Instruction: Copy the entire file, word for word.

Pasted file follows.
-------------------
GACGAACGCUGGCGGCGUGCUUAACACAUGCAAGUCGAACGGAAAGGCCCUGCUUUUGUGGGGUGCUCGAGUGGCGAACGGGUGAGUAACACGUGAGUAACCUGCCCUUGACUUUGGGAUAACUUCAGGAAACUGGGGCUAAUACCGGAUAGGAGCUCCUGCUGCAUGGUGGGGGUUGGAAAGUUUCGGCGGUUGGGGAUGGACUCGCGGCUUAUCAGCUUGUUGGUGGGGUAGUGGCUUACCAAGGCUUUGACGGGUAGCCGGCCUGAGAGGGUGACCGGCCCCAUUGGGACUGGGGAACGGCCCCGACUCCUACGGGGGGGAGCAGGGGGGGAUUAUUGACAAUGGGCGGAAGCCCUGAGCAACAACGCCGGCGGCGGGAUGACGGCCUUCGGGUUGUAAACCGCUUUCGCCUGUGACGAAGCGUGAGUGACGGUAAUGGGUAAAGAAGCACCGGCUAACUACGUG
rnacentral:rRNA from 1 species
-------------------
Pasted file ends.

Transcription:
GACGAACGCUGGCGGCGUGCUUAACACAUGCAAGUCGAACGGAAAGGCCCUGCUUUUGUGGGGUGCUCGAGUGGCGAACGGGUGAGUAACACGUGAGUAACCUGCCCUUGACUUUGGGAUAACUUCAGGAAACUGGGGCUAAUACCGGAUAGGAGCUCCUGCUGCAUGGUGGGGGUUGGAAAGUUUCGGCGGUUGGGGAUGGACUCGCGGCUUAUCAGCUUGUUGGUGGGGUAGUGGCUUACCAAGGCUUUGACGGGUAGCCGGCCUGAGAGGGUGACCGGCCCCAUUGGGACUGGGGAACGGCCCCGACUCCUACGGGGGGGAGCAGGGGGGGAUUAUUGACAAUGGGCGGAAGCCCUGAGCAACAACGCCGGCGGCGGGAUGACGGCCUUCGGGUUGUAAACCGCUUUCGCCUGUGACGAAGCGUGAGUGACGGUAAUGGGUAAAGAAGCACCGGCUAACUACGUG
rnacentral:rRNA from 1 species